As a company who have over 100 drivers on the road each day, safety is absolutely paramount, to both our drivers and other road users. We will continue to promote the road values we hold and encourage all drivers to put safety first in the hope that we can make our roads a safer place. With hard work and determination, we are confident that speeding and the consequences it stimulates can become an issue of the past.

Same Day Delivery – Is It Sustainable?

Gone are the days of ‘standard – three to five days’ being a sufficient delivery window. In this present day, there are a vast range of delivery options available: time specific, next day, premium, and, the subject of this blog: same day. As a company who works exceptionally hard to fulfil all our client requests with ‘Just in Time’ delivery, we have to question, is a same-day delivery option truly feasible?

There are a number of factors which must be considered – and perhaps these are easier to consider for those who work in the industry and are directly impacted by the effects of same-day delivery. From cost-effectiveness to efficiency, as industry professionals we propose this thought: is it logistically possible to offer a same-day service for a sustained period of time?

One can understand why business leaders, particular for consumer products, might be tempted to trial same day delivery: last year, Ecommerce News found that 72% of UK consumers would shop more if the retailer offered same-day delivery, and that sales could be €5.77bn higher with more delivery options. For those customers placing the order, there is a period of excitement as one waits until the product arrives. But beyond the screen of the online retailer, the logistics sector which drives these industries does not experience the same emotions. The process of same-day delivery is one of pressure, and boxes need to be ticked.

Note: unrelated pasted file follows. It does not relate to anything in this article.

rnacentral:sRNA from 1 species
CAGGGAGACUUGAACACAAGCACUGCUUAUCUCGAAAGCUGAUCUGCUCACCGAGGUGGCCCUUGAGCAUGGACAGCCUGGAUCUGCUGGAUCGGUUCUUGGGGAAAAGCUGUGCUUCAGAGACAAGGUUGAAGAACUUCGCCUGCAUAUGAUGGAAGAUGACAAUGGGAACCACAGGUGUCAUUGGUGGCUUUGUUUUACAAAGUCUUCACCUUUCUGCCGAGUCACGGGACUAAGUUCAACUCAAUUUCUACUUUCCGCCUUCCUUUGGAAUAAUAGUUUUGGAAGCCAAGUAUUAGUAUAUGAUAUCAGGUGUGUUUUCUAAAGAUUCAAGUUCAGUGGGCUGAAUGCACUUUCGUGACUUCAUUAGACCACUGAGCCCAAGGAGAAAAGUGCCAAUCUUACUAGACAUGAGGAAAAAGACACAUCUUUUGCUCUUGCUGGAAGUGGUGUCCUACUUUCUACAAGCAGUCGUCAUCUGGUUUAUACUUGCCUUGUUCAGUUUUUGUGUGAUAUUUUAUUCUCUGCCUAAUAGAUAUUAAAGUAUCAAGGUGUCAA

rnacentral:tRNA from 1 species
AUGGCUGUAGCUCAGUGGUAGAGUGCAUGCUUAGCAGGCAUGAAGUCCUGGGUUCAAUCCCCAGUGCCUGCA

Major international companies like Google, Amazon and Uber have all adopted a ‘same-day’ delivery option, but often, if viewed from a smaller scale perspective, this is not a realistic target for national and local firms. Not all have found it to be a success, however – retail giants eBay have struggled to retain this service; terminating it shortly after it began due to its high costs not matching demand. In addition, with the driver shortage in the freight and logistics industry still a highly prevalent issue, the option of same-day delivery seems far from possible – how can sustained same day delivery be achieved when there are not yet enough drivers on the roads to cope with the current demand from consumers?

Another important consideration to take into account is whether quality control may slip. With time pressures becoming the main focus of warehouse workers, it is not difficult to imagine that mistakes might happen when only a tiny window of time is given for employees to suddenly process orders.